Ms. Kostiukevych says she processed about 300 of those before expanding the effort to other areas and involving about a dozen administrators. Her first priority was the identification of the victims. The work to establish the exact perpetrators behind each of these killings could take years – if it happens at all – but she is confident such digital evidence will be instrumental for justice in the long run.

The long run is the reason Telegram is so important for her project. The platform, unlike Facebook, does not ban or systematically take down graphic content, she says. Human rights activists are concerned that content posted and removed from other platforms due to its violent character will disappear – as was the case when YouTube took down a enormous number of images related to the Syrian conflict overnight in 2017 because they were deemed too gruesome.

“It is very important to have this digital evidence because most people need to be buried,” says Ms. Kostiukevych. “Bodies cannot be kept in morgues for over two months. If the person is identified, we can cremate them. If the person is not identified, we bury them in line with the morgue numbering system [so relatives can identify them later]. This evidence will also be important for the International Criminal Court and the [Ukrainian] justice system.”

Vadym Yevdokymento stands outside his apartment building in Bucha. He has been trying to find his father, who may have been killed by Russian soldiers, but so far he has not had any success.

Ukraine has so far identified more than 13,000 possible war crimes and 600 suspects since the start of the invasion. It has started proceedings against 80 people, and has already finished its first war crimes trial. On May 21, a Ukrainian court found a 21-year-old Russian soldier guilty of killing a 62-year-old civilian in the northeastern vicinity of Sumy. The Hague-based International Criminal Court has sent a team of 42 investigators and forensic experts to sustain the quest for justice.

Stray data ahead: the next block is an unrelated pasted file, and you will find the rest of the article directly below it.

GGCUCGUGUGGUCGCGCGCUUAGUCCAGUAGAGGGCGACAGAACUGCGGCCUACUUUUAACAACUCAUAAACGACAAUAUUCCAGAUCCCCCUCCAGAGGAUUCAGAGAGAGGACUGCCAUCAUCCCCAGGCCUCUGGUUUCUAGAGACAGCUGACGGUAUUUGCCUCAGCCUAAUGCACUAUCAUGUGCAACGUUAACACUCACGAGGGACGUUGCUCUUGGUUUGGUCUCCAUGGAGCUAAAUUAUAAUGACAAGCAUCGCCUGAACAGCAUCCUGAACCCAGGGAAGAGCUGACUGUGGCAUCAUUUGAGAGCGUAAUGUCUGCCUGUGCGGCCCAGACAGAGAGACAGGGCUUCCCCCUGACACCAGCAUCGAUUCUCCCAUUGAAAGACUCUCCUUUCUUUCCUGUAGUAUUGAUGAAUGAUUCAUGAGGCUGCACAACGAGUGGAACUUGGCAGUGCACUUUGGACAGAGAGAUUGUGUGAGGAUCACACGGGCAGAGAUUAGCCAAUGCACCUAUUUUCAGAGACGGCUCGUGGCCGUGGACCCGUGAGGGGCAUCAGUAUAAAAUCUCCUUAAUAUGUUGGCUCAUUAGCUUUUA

“We were thrown back to the Middle Ages”

Vadym Yevdokymento has scanned Ms. Kostiukevych’s Telegram channel and videos taken while Bucha was under the Russian occupation for traces of his father without success. The only possible rule the young man was shown in connection to his father’s apparent death was a photo of a leg. “Just a leg, with pants and sneakers he never had,” he says, just days after doing a DNA test with a visiting French team to see if it corresponded with any of the however-to-be-identified corpses. No match.

“It’s very important to have these pictures,” he says in reference to both the Telegram channel and a photo characterize at Bucha’s gold-domed church, viewed by visiting dignitaries ranging from first lady Dr. Jill Biden to U2 singer Bono. “What happened here are war crimes. The Russians said they would not kill civilians and they killed civilians. … It is hard but the world and the country needs to see what happened here.”

“My hands are nevertheless shaking. … My soul is screaming,” says his grandmother, Ludmila Ostrenko, a retired kindergarten teacher. The death of neighbors – one shot on the street by Russian soldiers, another burnt by a Molotov cocktail thrown into the apartment building – and the scent of those horrors nevertheless haunt her.

She stayed put under the Russian occupation, praying and clutching her puppy, Luna, for comfort. “I cannot grasp what happened here in 2022. It was civilization. We were thrown back to the Middle Ages.”

Ludmila Ostrenko stands outside her apartment building in Bucha. She says she is nevertheless haunted by the murder of several of her neighbors by Russian soldiers.

“There was a group of six people who would go up and down the street just shooting people,” she adds, sitting outside an apartment complicate with shattered windows and a burnt section. “From 7 a.m. to 10 a.m., they would shoot. They killed anything that moved. It was a manhunt.”

Tracking the killers, digitally

“From what I have seen, most of the people we found in Bucha were murdered,” says Police Maj. Vitaly Lobas, head of the Bucha police department. “About 75% of the situations. They killed men, women, children, and elderly. What else would you call it if not war crimes?”

The great majority of images on his phone are similar to the ones by Ms. Kostiukevych – digital testimony to tragic endings. They sit on his phone because the police stop’s computers were burnt during the Russian occupation. After Bucha was liberated, he and his team worked out of the local school responding to tips and sending out patrols to document crime scenes and collect bodies. The atrocities proved so many that they produced a grid system and combed by Bucha, street by street, forest patch by forest patch.

But among those photos are also ones that offer hope. Images taken from local CCTV cameras that kept running in the early days of the invasion, in addition as photos taken from Russian social media accounts and the phones of dead or detained soldiers, are offering leads on suspects.

“Without technology, we would be unable to unprotected to anything,” he says. “It would be much more complicated and time consuming. It is not only the information on the photos itself. The metadata of each image in each phone is also extremely valuable.”

So far, using facial recognition to compare the CCTV footage against social media photos has allowed investigators to clarify 10 of those involved in committing atrocities in Bucha.

“They have to answer for what they did according to international law,” says Mr. Lobas.

Reporting for this story was supported by Oleksandr Naselenko.